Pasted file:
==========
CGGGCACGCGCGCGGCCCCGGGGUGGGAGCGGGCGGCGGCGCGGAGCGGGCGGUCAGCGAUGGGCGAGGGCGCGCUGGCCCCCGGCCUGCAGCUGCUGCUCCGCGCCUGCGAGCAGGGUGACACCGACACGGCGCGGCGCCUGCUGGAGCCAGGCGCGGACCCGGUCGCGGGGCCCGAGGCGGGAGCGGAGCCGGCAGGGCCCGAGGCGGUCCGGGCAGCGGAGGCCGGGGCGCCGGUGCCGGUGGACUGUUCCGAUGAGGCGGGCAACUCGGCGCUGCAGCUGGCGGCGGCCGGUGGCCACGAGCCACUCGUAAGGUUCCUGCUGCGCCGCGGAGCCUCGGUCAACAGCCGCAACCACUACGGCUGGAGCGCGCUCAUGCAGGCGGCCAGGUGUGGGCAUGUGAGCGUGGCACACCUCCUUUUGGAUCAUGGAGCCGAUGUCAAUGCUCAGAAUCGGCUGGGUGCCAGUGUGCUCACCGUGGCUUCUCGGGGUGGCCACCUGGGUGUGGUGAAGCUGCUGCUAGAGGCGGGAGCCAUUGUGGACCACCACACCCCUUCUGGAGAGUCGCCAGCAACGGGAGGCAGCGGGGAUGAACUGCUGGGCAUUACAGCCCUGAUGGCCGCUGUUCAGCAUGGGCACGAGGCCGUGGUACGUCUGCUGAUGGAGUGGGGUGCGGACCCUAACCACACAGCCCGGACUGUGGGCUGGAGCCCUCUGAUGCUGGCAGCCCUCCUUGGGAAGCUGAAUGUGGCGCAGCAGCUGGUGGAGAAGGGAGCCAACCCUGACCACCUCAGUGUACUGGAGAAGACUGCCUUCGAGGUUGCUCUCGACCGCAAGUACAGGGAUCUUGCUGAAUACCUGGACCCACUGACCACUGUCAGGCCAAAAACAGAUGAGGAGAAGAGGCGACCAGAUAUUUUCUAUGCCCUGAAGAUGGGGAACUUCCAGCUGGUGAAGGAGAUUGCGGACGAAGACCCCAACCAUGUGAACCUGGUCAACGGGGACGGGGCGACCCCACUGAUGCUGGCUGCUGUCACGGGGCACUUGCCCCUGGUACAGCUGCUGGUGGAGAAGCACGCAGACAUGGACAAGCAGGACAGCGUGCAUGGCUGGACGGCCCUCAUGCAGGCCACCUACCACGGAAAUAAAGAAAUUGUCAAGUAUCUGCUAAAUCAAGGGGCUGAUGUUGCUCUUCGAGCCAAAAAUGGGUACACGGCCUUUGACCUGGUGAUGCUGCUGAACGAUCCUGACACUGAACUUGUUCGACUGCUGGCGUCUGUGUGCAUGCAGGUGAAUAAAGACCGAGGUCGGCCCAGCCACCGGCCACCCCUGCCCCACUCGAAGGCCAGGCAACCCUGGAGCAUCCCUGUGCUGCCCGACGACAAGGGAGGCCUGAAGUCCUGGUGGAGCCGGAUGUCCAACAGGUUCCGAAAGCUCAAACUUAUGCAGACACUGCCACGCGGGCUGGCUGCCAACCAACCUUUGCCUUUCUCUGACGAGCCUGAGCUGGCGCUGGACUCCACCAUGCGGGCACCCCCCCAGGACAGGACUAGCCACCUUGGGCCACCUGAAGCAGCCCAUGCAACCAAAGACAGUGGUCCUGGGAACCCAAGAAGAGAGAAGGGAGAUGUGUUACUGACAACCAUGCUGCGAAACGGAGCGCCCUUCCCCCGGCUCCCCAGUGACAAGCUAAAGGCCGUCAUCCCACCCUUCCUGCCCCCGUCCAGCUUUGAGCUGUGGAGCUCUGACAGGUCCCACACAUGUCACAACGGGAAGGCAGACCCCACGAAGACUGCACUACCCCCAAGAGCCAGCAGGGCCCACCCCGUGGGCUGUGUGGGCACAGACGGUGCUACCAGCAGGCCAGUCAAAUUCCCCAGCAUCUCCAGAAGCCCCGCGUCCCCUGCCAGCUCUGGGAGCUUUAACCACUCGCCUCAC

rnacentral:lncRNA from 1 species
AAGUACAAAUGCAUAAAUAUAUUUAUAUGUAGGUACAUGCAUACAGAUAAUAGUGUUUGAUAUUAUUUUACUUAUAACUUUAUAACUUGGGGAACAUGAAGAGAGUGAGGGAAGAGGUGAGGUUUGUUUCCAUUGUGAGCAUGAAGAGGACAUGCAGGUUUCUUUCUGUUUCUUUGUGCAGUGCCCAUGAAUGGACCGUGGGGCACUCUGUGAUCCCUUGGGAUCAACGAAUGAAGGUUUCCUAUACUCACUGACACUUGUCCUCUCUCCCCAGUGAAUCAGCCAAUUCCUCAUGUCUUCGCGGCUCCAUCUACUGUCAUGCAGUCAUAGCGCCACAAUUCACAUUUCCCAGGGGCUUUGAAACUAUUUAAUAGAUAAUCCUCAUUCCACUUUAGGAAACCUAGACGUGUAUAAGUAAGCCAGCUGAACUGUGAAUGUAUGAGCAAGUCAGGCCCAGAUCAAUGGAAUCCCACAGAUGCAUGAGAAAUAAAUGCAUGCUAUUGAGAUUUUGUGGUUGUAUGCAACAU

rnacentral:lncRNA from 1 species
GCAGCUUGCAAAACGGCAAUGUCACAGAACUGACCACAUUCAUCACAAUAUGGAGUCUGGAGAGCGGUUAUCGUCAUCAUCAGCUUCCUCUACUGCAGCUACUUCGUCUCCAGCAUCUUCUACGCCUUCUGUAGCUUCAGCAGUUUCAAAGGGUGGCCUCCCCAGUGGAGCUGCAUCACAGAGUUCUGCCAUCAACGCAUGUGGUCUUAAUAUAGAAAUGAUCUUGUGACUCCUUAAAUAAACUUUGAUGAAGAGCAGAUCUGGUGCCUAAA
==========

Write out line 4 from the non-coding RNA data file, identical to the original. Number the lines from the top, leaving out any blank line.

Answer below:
rnacentral:lncRNA from 1 species